The Black Dahlia Murder released their latest album just last month: Deflorate. To talk about the album and what’s going on in the BDM camp, I caught up with frontman Trevor Strnad for a bit of a chat.
When I spoke with The Black Dahlia Murder‘s vocalist Trevor Strnad, it was a lovely day in California and the band were just two days into their most recent headlining tour of the United States, which they began very soon after finishing up a month-long tour just prior. After a short break over Christmas, these guys are heading to Europe; but it isn’t going to stop there either.
‘We’re just gonna try to spend as much time on the road as possible, hit as many places as possible, try to push the new record as hard as we can,’ Strnad explained. ‘It seems to be going well so far, so we’re just excited for the future, you know?’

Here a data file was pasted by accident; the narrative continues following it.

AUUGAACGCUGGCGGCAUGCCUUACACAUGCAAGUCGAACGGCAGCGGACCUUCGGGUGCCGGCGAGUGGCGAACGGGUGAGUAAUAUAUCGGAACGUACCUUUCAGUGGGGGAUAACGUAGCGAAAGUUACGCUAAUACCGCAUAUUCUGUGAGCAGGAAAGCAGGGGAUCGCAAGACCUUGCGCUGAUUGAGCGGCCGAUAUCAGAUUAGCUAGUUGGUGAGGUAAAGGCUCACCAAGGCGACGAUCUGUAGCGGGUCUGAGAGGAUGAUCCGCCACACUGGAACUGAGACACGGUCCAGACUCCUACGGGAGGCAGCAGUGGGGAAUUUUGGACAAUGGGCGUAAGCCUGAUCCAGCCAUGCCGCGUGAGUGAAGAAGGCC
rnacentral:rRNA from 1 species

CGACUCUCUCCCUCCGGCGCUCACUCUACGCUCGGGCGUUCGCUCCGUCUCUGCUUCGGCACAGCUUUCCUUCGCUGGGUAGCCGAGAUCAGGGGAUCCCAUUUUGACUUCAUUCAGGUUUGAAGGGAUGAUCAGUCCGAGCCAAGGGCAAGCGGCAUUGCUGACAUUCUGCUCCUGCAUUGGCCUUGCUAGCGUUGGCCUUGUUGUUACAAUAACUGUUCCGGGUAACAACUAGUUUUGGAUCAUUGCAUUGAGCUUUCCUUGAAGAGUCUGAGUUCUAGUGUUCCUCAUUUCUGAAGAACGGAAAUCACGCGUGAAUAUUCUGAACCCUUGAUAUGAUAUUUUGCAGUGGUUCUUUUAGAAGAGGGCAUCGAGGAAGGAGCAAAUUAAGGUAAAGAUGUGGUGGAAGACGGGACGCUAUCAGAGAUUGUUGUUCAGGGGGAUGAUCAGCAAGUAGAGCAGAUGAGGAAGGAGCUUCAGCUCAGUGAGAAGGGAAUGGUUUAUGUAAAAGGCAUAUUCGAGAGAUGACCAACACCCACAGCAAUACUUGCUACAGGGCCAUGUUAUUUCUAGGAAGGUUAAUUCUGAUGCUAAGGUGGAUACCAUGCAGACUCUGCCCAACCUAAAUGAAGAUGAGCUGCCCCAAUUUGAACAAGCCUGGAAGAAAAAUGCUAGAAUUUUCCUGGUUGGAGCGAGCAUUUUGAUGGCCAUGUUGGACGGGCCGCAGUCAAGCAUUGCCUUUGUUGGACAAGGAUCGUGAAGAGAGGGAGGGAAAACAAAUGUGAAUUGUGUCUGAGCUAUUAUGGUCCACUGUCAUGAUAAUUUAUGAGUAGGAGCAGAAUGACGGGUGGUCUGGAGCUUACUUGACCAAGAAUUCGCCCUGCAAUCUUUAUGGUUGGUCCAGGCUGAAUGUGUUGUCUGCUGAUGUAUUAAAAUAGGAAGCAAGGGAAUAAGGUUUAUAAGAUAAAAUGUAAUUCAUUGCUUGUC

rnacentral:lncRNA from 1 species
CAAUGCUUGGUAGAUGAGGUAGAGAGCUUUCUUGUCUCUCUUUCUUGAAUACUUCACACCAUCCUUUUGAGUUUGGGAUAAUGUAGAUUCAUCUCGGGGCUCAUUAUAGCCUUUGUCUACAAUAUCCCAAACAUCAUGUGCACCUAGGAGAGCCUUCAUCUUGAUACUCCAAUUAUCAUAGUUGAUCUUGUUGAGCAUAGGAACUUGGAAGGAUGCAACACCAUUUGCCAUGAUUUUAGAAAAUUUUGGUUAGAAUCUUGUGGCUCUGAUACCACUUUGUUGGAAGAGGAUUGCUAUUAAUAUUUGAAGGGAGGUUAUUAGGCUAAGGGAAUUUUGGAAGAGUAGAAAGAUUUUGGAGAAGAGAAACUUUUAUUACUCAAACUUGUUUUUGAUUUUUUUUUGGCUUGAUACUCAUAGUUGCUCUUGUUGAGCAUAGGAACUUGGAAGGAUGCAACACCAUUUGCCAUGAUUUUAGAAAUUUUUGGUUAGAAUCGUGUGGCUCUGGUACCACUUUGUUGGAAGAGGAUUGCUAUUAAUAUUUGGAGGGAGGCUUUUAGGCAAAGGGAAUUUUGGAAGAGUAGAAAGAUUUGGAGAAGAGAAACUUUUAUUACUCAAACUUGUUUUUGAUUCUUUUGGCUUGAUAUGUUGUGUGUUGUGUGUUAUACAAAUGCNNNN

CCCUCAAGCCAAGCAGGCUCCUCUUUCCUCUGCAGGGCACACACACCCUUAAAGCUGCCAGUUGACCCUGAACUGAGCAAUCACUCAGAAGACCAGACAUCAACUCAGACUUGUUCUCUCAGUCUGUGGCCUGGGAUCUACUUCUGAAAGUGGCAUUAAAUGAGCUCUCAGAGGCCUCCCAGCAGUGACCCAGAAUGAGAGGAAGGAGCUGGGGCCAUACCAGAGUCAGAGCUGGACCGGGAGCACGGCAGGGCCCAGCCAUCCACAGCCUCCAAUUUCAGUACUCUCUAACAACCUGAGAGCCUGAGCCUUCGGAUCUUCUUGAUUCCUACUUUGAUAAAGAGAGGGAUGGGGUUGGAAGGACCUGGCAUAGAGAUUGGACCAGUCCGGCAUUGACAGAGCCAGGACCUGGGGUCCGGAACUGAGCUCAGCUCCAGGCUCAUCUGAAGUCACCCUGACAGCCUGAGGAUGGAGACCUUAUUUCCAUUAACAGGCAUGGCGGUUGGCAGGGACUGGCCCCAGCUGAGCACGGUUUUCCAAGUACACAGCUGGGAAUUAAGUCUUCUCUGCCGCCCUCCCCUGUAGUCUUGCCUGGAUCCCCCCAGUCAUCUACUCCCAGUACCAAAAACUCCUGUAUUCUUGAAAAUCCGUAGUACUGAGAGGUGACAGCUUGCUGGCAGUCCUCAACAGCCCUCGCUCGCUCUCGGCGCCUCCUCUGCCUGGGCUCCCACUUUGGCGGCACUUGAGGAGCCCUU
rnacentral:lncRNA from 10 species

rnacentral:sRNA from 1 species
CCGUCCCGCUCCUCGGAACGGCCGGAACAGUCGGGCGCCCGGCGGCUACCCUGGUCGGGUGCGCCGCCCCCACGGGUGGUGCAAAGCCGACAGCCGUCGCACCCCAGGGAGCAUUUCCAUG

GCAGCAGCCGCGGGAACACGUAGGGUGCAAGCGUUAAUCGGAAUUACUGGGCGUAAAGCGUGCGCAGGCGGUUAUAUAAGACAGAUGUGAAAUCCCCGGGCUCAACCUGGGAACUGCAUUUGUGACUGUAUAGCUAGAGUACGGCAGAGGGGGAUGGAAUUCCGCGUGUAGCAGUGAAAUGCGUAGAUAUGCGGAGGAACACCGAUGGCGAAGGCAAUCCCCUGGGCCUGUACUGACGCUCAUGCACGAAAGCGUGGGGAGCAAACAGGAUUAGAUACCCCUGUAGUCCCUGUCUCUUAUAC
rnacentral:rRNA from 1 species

Knowing fully well that the BDM guys like to have a bit of fun – if you’ve seen the guys’ DVD Majesty you’d know it yourself – I couldn’t resist asking what sort of pranks they play on each other when they’re on the road, to keep themselves occupied. While Strnad couldn’t recall too many pranks, there was one in particular that he remembered.
‘Brian has been known to prank our manager a lot and fuck with him all the time,’ he said. ‘He’s always screwing his life up,’ Strnad giggled. ‘You know, calling him up in weird voices and pretending that we got in an accident and stuff like that. He’s done some pretty ruthless stuff, you know.’
But like Strnad explained, he’s been with the band for a long time and knows what to expect; so while it sounds fairly harsh, their manager is a good bloke and rolls with whatever the BDM guys throw at him.
Being the sort of band that looks they way they do, and that have been the butt of many discriminations largely because of the way they look, I asked Strnad what his take was regarding genre. Specifically, I wondered what he thought of the notion that only a band has the right to pigeonhole itself into a particular genre. In discussing genre, Strnad told me that he thinks that it’s kind of an obsession, to try and define things and cram them into genres. READ MORE–>